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February 12, 2021 – With the coldest temperatures of the season in the weekend forecast and more families in a work/school from home routine, frozen or burst pipes can be a frustrating disruption. Periods of brutally cold weather increase pipes’ risk of freezing due to sudden temperature drops, poor insulation or incorrect thermostat settings.
“Freezing temperatures put your pipes at risk, and recovery can be difficult and costly,” said Dan Scroggins, managing director of AAA Insurance. “Copper, iron and plastic pipes can burst. A crack as small as 1/8-inch can spew up to 250 gallons of water per day, causing flooding, serious structural damage, and the potential for mold.”
With two months of winter left and more frigid weather likely in the weeks ahead, AAA offers the following tips to prevent pipes from freezing and bursting and for managing home insurance claims should the problem occur:
Preventing Frozen Pipes:
- Make sure everyone in your family knows where the water shut-off valve is and how it works.
- Insulate pipes in your home's crawl spaces and attic.
- Seal gaps around pipes that allow cold air inside. You also should look for air leaks around electrical wiring, clothes dryer vents and pipes. Use caulk or insulation to keep the cold out.
- Disconnect garden hoses. If possible, use an indoor valve to shut off and drain water from pipes leading to outside faucets. This reduces the chance that pipes inside the house will freeze.
- If a freeze is expected, consider allowing warm water to drip slightly overnight, preferably from a faucet on an outside wall. Even a slight trickle may keep your pipes from freezing.
- When there is the possibility of a freeze, don’t turn down the thermostat at bedtime. Instead, maintain the same setting day and night. Drops in temperature, which are more common overnight, could freeze your pipes.
- Open cabinet doors. This will allow heat to reach uninsulated pipes located under sinks.
- If you’re going on vacation or leaving your home for an extended period of time, consider maintaining minimal heat to prevent freezing.
Recovering from Frozen Pipes:
- If you turn on your faucets and nothing comes out, your pipes are likely frozen.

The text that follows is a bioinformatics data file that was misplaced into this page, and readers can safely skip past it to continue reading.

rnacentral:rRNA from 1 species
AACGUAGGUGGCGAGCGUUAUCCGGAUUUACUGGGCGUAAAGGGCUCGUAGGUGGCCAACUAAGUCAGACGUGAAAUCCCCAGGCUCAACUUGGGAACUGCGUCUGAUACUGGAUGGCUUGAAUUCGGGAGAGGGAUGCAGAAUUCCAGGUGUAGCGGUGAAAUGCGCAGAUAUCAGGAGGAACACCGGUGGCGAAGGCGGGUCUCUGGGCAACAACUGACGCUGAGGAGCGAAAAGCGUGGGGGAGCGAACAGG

- You may be able to use a hair dryer to thaw a frozen pipe. Begin by warming the section of pipe closest to the faucet, then work your way out toward the coldest part of the pipe.
- Never use a hair dryer or any electrical appliances in areas of standing water. You could be electrocuted.
- Never try to thaw a pipe with a torch or other open flame. It could cause a fire.
- If your water pipes have already burst, turn off the water at the main shutoff valve in the house, leave the water faucets turned on, and call a plumber.
Managing Home Insurance Claims
- Make a list of the damaged articles and take photos.
- Save the receipts for what you spend—including additional living expenses if you must leave your home until repairs are completed—and submit them to your insurance company for reimbursement.
- Standard homeowners policies will cover most of the kinds of damage that result from a freeze. For example, if house pipes freeze and burst or if ice forms in gutters and causes water to back up under roof shingles and seep into the house. You would also be covered if the weight of snow or ice damages your house.
- If your home sustains water damage, it is important to make sure that it is properly dried and repaired to prevent any potential problem with mold. Remember, mold cannot survive without moisture.
- Check with your agent or insurance company to be sure of what your policy covers.
“Prevention is the key to protecting your home this winter—especially with more families at home due to COVID-19 closures. A few simple steps can help you avoid a frozen pipes nightmare,” continued Scroggins. “For added peace of mind, it’s a good idea to make sure you have adequate homeowners insurance should the situation arise.”
To find out more about homeowners or renters insurance, contact your local AAA insurance agent, call 866-AAA-4YOU or visit www.aaa.com/insurance.